• majoki

tohuvavohu

Before there was light, before there was darkness, there was tohu va vohu. The attempt to make order out of chaos. The attempt of being. The essence of life.

The epidemiologist understood and so named the virus. Tohuvavohu sought order, being, essence, supremacy.

It sought these relentlessly. Single-mindedly. But there was no mind. No reason. It was not hampered by delusions of morality. The virus was need. Pure need. Self-fulfilling. Opportunistic. Ego-less.

We fought well. Grandly in many cases. Our weaponry was truth and faith. Our vulnerability was truth and faith. Sentience and science could only take us so far when we were battling not only a most patient virus, but the very limits of our collective memory, our shared humanity.

Over the long haul, we forgot quickly. Tohuvavohu was not time bound. It could afford generation upon generation of assaults, retreats, regroupings and counterattacks.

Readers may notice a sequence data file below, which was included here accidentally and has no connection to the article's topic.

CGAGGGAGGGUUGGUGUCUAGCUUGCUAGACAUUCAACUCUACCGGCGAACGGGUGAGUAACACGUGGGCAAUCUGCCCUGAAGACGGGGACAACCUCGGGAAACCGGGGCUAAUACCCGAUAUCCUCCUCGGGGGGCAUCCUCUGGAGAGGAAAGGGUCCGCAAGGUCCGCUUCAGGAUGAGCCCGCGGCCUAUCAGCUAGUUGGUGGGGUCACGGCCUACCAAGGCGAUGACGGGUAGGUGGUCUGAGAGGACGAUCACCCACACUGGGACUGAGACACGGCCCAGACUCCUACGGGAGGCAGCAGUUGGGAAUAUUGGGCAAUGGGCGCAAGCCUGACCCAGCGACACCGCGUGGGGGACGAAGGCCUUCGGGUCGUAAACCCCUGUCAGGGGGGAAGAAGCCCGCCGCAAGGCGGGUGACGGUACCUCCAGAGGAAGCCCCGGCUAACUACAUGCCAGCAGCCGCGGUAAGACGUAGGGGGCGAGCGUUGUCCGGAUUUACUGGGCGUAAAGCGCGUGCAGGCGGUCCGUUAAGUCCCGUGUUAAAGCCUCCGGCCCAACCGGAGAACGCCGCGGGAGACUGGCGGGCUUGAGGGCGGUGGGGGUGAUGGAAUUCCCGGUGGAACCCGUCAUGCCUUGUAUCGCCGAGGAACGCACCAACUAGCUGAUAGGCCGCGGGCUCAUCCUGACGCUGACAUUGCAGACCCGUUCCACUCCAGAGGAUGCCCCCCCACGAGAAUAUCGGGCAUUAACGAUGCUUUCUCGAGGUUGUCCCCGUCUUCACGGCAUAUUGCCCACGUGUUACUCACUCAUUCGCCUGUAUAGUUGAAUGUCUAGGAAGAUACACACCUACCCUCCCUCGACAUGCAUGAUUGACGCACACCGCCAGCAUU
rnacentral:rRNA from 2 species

Humanity was hamstrung by expectation. We were no longer wired to forgo life, liberty and the pursuit of happiness. We believed in our due. Submitted to our false creed: our superiority. Thinking we could outrace, outcompete, any threat.

We were the hare. The virus was the tortoise. And it was turtles all the way down.

We had no concept beyond rock bottom. Beyond economic collapse. Beyond political collapse. Beyond moral collapse.

Nothing was solid anymore. There was nothing for us to stand on. There was only tohu va vohu. Before light. Before darkness. The struggle to be.

Tohuvavohu was tohu va vohu. An attempt. A stab at re-order. At perfection.

The epidemiologist had it right. We sought to wrong it.

The virus was not to blame. We were not to blame. Creation suffers no blame. For, like tohuvavohu, what are we but another attempt at dominion.




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